I am modifying a very old access app that had been upgraded numerous times. It may have started out as 2003. I am running with 2013. I modified a query to filter on a column that I just added to a table. Neither my form nor my reports is using the modified query. I know this because I added a column to a table and then modified the query to filter on this column. the query runs fine. The reports and form are definitely using the old query. The app also uses VB6 code which actually adds more SQL based on the report selected. If I create a totally new report it will execute the new query. I don't want to create all new reports. And please I know VB6 is old also, but this company is going out of business and it's just a keep it going type of organization.
The trick is going to be figuring out where the report gets its data from at run-time. Because you say that there's VB6 code that alters the SQL, this could be complicated.
There are a number of ways this can change, and with the information in the question at the moment, it's not possible for me to narrow it down, but there are some places that you can look to check.
A report's data can be specified in a number of ways.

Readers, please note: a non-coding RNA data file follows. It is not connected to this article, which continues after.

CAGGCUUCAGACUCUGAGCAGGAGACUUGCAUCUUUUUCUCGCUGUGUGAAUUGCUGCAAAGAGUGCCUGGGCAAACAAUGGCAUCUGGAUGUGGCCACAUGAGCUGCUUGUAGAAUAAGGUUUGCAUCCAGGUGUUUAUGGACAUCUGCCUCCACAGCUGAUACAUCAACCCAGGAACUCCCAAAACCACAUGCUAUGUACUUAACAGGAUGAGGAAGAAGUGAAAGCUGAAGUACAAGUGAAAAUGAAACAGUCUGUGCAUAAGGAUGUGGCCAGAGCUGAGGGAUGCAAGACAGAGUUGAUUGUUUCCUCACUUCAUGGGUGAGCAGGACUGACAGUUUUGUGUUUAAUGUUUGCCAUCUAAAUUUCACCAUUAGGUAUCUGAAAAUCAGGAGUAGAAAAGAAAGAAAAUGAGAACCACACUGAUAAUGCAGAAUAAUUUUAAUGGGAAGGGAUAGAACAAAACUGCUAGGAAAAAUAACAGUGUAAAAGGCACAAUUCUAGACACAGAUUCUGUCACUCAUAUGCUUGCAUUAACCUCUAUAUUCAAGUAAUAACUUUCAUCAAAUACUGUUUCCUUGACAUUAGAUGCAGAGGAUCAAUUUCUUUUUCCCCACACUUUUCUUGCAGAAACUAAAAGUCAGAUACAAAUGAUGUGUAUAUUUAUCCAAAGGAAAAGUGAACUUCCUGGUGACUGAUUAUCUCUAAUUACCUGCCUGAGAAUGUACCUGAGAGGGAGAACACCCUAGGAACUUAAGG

- You can choose a table or query as the datasource in the properties of the report. If this was what's happening then your report should have changed as soon as you modified the query. So it might not be.
- A report can have its own query defined using that property. This can be a select statement that uses tables and other queries, chooses specific fields and applies filters.
- You say there's a bunch of VB6 that alters the query too. (Are you sure it's VB6 and not VBA? probably doesn't matter much). This will change where you need to look.
So what I'd do is:
- Look at the properties for the report and find out what the data source is. See if it's just a query name or an SQL statement. If it's an SQL statement, fire it up in the builder and see if you can find the query that you modified, or reapply the modifications and see if that works.
If that doesn't work, then you're going to need to look at the VB code. Find the code that modifies the SQL for this report. Most likely, there'll be a button that user clicks that runs a bunch of code, that updates the SQL and launches the report. Stick a breakpoint in there and step through until you see some SQL being constructed, then work out how to alter the SQL from there.
Most likely you'll have two strategies:
- The VB code constructs SQL raw, which looks vaguely like the SQL in the query, but with different criteria. So you could use the modified SQL from your modified query to model the changes you need to make in the VB constructed SQL
- The VB code does something like
SELECT * FROM [TheQuery] WHEREand just adds criteria. This would probably make your life easier, but it's probably not what's going on because modifying the query didn't change anything.